Congratulations to the ten winners of our first annual Water Authority Desert Friendly Landscape Contest! Thank you for sharing your beautiful gardens with us. They will be an inspiration for others to make the switch to desert-friendly landscapes.
Succulent Garden Wisdom
What once was a high-water use turfgrass lawn in the Northeast Heights is now a xeriscape garden with a focus on succulents. Janice transformed 550 square feet of turf into a diverse landscape complete with low-water use trees and shrubs and a beautiful succulent garden. She loves that there is, “No more mowing! No more trimming edges! No more feeding with nutrients! No more grass!”
When selecting plants, Janice turned to a variety of resources, including 505Outside, the Xeriscape guide and avid gardener friends. She hired a professional landscape company to install her new drip system. “The drip system is my go-to irrigation system as recommended by various professionals,” Janice said. “My plants and trees are happy following the 505Outside seasonal watering recommendations.”
Succulent beds are her favorites, and she looks forward to adding new succulent species each year. Janice enjoys the diversity of plants in her yard and how they change colors throughout the seasons.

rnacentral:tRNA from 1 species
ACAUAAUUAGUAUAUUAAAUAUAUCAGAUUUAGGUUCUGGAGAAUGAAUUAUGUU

What started as a way to reduce water usage has evolved into a renewed love of the outdoors. Janice keeps track of landscape seasonal transitions, rain events, plant changes and teachings in her “Garden Wisdom” journal. “A garden can teach a lot about flexibility, patience and calmness,” she added.
Local scientists Paul and Teri started with high-water use turfgrass and trees when they set out to make a wildlife habitat in their yard in the North Valley. They removed all the non-native grass and have been slowly replacing it with low-water native plants. Areas that haven’t yet been planted are covered with 3″-4” of organic mulch, which is an easy way to prep the soil before they’re ready to plant.
A pond was added to create a habitat for western toads. Other creatures have joined their landscape, and it is now a recognized Fish and Wildlife backyard refuge.
Part of the scientific work that Paul and Teri do involves mapping vegetation across the Southwest. Their extensive knowledge of local ecosystems has helped them select native plants that will thrive in different environments and through our changing climate, especially during times of drought. “Wild native plants can be very beautiful and add value to gardens because they remain resilient thru changes,” they said.
Their yard is set up with a drip irrigation system that waters as needed. During rainstorms rain barrels collect up to 1,500 gallons of water, which supplement their irrigation system.
“We are proud to minimize water use while maximizing pollinators, edibles and the abundance of plants,” they said.
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